An examination of generalized anxiety disorder and dysthymia utilizing the Rorschach inkblot method

Jenelle M Slavin-Mulford, Alyssa Clements, Mark Hilsenroth, Jocelyn Charnas, Jennifer Zodan

Research output: Contribution to journalArticle

2 Citations (Scopus)

Abstract

This study examined transdiagnostic features of generalized anxiety disorder (GAD) and dysthymia in an outpatient clinical sample. Fifteen patients who met DSM-IV criteria for GAD and twenty-one patients who met DSM-IV criteria for dysthymia but who did not have comorbid anxiety disorder were evaluated utilizing the Rorschach. Salient clinical variables were then compared. Results showed that patients with GAD scored significantly higher on variables related to cognitive agitation and a desire/need for external soothing. In addition, there was a trend for patients with GAD to produce higher scores on a measure of ruminative focus on negative aspects of the self. Thus, not surprisingly, GAD patients' experienced more distress than the dysthymic patients. The implications of these findings are discussed with regards to better understanding the shared and distinct features of GAD and dysthymia.

Original languageEnglish (US)
Pages (from-to)137-143
Number of pages7
JournalPsychiatry Research
Volume240
DOIs
StatePublished - Jun 30 2016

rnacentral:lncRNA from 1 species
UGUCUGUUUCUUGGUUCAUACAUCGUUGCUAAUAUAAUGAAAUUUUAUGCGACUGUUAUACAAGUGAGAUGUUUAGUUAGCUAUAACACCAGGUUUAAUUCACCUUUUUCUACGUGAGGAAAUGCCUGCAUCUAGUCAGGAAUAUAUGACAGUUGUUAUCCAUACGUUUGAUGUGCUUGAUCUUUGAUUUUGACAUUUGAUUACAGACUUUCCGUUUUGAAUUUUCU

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Anxiety Disorders
Diagnostic and Statistical Manual of Mental Disorders
Outpatients

Keywords

  • Comorbidity
  • Depression
  • Dysthymia
  • Generalized anxiety disorder
  • Rorschach

ASJC Scopus subject areas

  • Psychiatry and Mental health
  • Biological Psychiatry

Cite this

An examination of generalized anxiety disorder and dysthymia utilizing the Rorschach inkblot method. / Slavin-Mulford, Jenelle M; Clements, Alyssa; Hilsenroth, Mark; Charnas, Jocelyn; Zodan, Jennifer.

In: Psychiatry Research, Vol. 240, 30.06.2016, p. 137-143.

Research output: Contribution to journalArticle

Slavin-Mulford, Jenelle M ; Clements, Alyssa ; Hilsenroth, Mark ; Charnas, Jocelyn ; Zodan, Jennifer. / An examination of generalized anxiety disorder and dysthymia utilizing the Rorschach inkblot method. In: Psychiatry Research. 2016 ; Vol. 240. pp. 137-143.
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